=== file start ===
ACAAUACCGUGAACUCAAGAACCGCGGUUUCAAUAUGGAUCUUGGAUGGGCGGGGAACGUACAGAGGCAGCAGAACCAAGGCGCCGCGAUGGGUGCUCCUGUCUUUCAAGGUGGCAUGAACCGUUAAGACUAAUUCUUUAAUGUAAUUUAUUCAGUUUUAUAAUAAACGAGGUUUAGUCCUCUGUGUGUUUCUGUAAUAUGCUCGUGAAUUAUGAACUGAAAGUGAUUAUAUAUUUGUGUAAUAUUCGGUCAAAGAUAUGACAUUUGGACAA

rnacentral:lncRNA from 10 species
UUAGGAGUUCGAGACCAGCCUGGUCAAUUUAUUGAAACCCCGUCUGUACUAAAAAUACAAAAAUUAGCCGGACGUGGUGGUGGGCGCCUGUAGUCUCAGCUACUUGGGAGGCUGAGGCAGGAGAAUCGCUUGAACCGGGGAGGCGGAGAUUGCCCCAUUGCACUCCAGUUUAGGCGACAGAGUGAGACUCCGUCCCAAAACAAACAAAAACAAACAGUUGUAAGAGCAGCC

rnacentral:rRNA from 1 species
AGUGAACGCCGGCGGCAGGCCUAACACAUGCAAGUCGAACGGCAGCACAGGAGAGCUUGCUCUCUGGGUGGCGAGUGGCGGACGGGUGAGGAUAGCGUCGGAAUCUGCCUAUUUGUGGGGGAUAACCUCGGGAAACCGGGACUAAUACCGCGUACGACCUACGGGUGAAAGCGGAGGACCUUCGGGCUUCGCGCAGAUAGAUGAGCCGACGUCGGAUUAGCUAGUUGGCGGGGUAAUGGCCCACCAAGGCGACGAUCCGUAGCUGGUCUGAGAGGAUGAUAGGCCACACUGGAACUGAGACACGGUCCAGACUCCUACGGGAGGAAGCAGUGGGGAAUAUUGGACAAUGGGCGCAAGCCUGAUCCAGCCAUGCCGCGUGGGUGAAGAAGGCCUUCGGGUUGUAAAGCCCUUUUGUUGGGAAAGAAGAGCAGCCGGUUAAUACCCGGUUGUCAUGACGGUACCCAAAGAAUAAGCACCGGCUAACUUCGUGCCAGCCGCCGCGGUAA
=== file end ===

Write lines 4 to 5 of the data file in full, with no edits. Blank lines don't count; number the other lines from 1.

rnacentral:rRNA from 1 species
AGUGAACGCCGGCGGCAGGCCUAACACAUGCAAGUCGAACGGCAGCACAGGAGAGCUUGCUCUCUGGGUGGCGAGUGGCGGACGGGUGAGGAUAGCGUCGGAAUCUGCCUAUUUGUGGGGGAUAACCUCGGGAAACCGGGACUAAUACCGCGUACGACCUACGGGUGAAAGCGGAGGACCUUCGGGCUUCGCGCAGAUAGAUGAGCCGACGUCGGAUUAGCUAGUUGGCGGGGUAAUGGCCCACCAAGGCGACGAUCCGUAGCUGGUCUGAGAGGAUGAUAGGCCACACUGGAACUGAGACACGGUCCAGACUCCUACGGGAGGAAGCAGUGGGGAAUAUUGGACAAUGGGCGCAAGCCUGAUCCAGCCAUGCCGCGUGGGUGAAGAAGGCCUUCGGGUUGUAAAGCCCUUUUGUUGGGAAAGAAGAGCAGCCGGUUAAUACCCGGUUGUCAUGACGGUACCCAAAGAAUAAGCACCGGCUAACUUCGUGCCAGCCGCCGCGGUAA